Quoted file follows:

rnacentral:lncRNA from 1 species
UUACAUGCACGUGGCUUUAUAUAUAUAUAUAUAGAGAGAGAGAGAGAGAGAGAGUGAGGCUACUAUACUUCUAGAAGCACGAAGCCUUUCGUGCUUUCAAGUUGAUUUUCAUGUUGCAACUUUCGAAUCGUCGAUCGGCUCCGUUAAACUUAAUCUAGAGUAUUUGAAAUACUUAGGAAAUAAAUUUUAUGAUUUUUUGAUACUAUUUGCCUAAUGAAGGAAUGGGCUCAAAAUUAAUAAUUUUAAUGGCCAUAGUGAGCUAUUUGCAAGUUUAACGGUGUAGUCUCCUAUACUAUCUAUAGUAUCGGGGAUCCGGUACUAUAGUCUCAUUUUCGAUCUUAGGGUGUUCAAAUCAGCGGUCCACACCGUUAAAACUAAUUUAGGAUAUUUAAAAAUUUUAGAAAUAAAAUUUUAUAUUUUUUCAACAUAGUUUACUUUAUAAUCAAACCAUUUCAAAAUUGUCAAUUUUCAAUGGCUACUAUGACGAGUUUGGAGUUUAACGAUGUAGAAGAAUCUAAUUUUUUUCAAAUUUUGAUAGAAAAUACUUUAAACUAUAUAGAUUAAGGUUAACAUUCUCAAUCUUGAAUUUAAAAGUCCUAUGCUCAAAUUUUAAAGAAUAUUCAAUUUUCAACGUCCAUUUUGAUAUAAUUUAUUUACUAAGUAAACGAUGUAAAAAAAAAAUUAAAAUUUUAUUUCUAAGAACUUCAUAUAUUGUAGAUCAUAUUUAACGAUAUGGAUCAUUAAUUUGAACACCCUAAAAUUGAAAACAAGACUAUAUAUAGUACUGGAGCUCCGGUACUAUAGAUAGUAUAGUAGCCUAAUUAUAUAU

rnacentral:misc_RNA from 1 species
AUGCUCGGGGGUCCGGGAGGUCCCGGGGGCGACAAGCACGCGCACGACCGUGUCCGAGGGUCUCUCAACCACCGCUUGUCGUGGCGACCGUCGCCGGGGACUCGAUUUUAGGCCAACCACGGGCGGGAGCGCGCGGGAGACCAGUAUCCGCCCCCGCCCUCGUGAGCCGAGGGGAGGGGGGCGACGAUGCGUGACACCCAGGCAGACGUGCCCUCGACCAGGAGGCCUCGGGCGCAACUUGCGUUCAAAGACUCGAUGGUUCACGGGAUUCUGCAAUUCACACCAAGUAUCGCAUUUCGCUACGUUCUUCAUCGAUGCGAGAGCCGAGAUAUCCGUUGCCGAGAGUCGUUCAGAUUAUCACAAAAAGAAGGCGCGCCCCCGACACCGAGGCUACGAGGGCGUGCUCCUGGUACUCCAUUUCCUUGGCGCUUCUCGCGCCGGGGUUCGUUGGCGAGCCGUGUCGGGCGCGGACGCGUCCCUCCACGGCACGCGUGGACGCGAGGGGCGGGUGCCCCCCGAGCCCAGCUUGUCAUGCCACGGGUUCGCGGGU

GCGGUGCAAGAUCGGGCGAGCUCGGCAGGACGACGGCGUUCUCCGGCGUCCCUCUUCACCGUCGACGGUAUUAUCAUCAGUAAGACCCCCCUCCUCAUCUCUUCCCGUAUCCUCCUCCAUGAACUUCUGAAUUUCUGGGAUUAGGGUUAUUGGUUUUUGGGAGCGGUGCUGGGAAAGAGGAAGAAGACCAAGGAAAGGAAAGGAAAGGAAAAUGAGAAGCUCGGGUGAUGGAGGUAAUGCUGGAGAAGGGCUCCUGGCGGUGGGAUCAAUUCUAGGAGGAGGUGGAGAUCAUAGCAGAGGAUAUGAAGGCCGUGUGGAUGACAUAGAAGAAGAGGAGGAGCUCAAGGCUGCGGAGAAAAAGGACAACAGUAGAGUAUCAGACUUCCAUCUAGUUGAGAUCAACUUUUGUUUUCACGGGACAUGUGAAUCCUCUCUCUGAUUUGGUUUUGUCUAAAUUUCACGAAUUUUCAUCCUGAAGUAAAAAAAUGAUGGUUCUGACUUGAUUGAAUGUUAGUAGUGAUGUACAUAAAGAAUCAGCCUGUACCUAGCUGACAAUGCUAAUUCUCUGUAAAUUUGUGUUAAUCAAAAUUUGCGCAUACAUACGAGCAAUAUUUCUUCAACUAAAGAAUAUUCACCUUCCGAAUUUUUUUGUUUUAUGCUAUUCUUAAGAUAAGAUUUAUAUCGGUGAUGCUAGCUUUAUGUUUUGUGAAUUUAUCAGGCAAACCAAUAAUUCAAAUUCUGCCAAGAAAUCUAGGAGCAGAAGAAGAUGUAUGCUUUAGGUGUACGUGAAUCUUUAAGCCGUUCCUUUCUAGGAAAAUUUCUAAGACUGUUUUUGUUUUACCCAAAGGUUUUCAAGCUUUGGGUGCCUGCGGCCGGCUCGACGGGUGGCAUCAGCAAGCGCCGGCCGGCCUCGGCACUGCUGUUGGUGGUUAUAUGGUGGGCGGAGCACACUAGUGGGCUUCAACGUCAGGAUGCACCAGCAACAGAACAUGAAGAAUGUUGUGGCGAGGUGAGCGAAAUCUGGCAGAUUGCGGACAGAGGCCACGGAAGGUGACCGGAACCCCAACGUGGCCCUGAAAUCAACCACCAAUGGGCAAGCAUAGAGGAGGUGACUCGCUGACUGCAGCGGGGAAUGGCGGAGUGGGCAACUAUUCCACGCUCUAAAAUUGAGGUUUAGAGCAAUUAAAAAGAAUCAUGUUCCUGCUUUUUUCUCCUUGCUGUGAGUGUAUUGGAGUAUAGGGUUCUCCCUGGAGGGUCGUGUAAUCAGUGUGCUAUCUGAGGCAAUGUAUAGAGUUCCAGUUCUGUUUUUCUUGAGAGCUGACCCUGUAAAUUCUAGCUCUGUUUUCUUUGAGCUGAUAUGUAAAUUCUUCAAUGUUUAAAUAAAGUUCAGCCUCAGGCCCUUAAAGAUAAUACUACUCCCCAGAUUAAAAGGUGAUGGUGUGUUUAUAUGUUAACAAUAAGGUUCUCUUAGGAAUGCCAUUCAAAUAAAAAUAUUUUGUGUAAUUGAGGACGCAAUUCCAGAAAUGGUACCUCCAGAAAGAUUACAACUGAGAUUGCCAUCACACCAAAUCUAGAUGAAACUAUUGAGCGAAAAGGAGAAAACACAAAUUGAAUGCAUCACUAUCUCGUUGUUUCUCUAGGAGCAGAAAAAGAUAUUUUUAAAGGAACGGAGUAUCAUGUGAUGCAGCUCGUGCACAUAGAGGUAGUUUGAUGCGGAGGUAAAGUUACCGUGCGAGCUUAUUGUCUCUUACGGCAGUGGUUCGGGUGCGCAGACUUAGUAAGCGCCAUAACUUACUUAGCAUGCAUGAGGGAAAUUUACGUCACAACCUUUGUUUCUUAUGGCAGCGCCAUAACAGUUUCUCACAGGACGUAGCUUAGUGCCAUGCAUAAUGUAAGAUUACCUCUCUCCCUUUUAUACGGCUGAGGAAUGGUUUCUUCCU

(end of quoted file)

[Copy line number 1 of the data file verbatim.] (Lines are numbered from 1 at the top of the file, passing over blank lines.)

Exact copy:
rnacentral:lncRNA from 1 species